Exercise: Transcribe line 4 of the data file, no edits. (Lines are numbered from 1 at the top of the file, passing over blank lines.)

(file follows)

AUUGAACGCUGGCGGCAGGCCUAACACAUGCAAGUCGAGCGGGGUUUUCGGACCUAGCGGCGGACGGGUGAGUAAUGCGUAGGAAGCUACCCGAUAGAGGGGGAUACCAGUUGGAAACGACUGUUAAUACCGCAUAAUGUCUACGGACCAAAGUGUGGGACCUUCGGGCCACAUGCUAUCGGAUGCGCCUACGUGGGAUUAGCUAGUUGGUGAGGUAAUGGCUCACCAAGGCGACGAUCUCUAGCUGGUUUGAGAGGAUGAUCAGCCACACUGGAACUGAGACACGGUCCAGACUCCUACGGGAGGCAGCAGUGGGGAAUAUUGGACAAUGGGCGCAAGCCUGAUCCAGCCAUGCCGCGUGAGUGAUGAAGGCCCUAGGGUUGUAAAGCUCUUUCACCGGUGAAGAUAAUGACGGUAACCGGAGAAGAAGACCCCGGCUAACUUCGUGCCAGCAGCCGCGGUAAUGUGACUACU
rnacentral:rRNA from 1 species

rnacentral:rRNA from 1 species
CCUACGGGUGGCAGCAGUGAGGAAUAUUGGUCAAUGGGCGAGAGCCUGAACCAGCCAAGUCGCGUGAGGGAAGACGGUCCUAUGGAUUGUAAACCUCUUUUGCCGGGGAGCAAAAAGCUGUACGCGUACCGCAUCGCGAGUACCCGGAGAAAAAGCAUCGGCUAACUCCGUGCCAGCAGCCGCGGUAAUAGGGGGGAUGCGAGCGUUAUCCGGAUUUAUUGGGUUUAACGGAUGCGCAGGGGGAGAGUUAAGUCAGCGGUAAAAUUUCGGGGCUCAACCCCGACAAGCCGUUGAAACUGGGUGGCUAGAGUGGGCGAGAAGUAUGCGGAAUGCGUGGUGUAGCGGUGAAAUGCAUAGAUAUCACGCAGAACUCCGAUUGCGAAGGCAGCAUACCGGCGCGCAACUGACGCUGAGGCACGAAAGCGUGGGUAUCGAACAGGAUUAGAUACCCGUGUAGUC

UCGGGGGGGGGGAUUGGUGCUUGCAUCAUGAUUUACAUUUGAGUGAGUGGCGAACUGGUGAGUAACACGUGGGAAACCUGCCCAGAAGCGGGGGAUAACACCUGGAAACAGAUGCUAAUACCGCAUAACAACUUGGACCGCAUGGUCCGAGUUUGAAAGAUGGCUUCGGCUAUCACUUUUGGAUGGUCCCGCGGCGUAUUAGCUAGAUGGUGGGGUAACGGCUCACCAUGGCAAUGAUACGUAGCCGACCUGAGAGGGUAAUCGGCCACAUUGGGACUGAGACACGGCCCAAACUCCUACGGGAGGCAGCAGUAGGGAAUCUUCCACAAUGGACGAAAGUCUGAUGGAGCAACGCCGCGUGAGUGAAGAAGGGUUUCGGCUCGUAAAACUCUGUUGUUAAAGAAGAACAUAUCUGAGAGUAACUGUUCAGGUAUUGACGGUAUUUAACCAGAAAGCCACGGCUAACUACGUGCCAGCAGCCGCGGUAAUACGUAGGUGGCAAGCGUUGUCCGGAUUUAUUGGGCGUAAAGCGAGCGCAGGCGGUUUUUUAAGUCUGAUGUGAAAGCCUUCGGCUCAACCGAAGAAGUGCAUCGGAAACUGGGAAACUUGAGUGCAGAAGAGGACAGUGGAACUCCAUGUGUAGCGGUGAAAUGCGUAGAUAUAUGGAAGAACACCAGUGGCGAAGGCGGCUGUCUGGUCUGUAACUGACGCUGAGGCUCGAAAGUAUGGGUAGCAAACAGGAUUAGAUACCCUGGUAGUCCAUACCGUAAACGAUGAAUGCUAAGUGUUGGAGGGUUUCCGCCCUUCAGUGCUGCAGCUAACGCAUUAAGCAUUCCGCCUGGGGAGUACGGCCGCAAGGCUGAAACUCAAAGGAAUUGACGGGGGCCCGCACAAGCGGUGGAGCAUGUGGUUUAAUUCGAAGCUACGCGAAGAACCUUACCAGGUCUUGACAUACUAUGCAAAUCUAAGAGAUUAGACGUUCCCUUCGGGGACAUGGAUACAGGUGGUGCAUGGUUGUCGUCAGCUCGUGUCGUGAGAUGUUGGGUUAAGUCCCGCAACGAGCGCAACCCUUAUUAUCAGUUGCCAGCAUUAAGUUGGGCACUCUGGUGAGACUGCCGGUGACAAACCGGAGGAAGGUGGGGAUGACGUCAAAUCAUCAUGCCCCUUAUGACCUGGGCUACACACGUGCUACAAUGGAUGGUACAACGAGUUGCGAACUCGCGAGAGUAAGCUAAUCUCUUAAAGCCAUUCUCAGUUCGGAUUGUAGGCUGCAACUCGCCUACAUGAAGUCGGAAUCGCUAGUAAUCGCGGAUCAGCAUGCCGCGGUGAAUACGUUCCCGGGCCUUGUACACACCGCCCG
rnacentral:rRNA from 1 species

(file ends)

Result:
CCUACGGGUGGCAGCAGUGAGGAAUAUUGGUCAAUGGGCGAGAGCCUGAACCAGCCAAGUCGCGUGAGGGAAGACGGUCCUAUGGAUUGUAAACCUCUUUUGCCGGGGAGCAAAAAGCUGUACGCGUACCGCAUCGCGAGUACCCGGAGAAAAAGCAUCGGCUAACUCCGUGCCAGCAGCCGCGGUAAUAGGGGGGAUGCGAGCGUUAUCCGGAUUUAUUGGGUUUAACGGAUGCGCAGGGGGAGAGUUAAGUCAGCGGUAAAAUUUCGGGGCUCAACCCCGACAAGCCGUUGAAACUGGGUGGCUAGAGUGGGCGAGAAGUAUGCGGAAUGCGUGGUGUAGCGGUGAAAUGCAUAGAUAUCACGCAGAACUCCGAUUGCGAAGGCAGCAUACCGGCGCGCAACUGACGCUGAGGCACGAAAGCGUGGGUAUCGAACAGGAUUAGAUACCCGUGUAGUC